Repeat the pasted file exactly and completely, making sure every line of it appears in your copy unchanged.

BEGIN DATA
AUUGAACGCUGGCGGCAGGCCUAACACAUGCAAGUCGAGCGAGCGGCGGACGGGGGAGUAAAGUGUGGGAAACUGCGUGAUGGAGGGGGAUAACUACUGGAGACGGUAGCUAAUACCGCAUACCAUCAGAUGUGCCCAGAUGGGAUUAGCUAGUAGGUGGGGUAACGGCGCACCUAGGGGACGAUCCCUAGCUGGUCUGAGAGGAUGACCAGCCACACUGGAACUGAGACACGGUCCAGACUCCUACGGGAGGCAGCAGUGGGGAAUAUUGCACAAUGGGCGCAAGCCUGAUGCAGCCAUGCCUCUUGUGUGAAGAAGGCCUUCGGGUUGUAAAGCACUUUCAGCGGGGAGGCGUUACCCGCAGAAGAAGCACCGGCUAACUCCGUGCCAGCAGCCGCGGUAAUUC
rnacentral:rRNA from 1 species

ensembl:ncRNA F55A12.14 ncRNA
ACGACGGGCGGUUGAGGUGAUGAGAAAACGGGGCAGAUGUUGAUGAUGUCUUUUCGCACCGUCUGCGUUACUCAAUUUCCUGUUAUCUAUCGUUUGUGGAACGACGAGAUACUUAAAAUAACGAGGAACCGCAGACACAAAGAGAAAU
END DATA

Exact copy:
AUUGAACGCUGGCGGCAGGCCUAACACAUGCAAGUCGAGCGAGCGGCGGACGGGGGAGUAAAGUGUGGGAAACUGCGUGAUGGAGGGGGAUAACUACUGGAGACGGUAGCUAAUACCGCAUACCAUCAGAUGUGCCCAGAUGGGAUUAGCUAGUAGGUGGGGUAACGGCGCACCUAGGGGACGAUCCCUAGCUGGUCUGAGAGGAUGACCAGCCACACUGGAACUGAGACACGGUCCAGACUCCUACGGGAGGCAGCAGUGGGGAAUAUUGCACAAUGGGCGCAAGCCUGAUGCAGCCAUGCCUCUUGUGUGAAGAAGGCCUUCGGGUUGUAAAGCACUUUCAGCGGGGAGGCGUUACCCGCAGAAGAAGCACCGGCUAACUCCGUGCCAGCAGCCGCGGUAAUUC
rnacentral:rRNA from 1 species

ensembl:ncRNA F55A12.14 ncRNA
ACGACGGGCGGUUGAGGUGAUGAGAAAACGGGGCAGAUGUUGAUGAUGUCUUUUCGCACCGUCUGCGUUACUCAAUUUCCUGUUAUCUAUCGUUUGUGGAACGACGAGAUACUUAAAAUAACGAGGAACCGCAGACACAAAGAGAAAU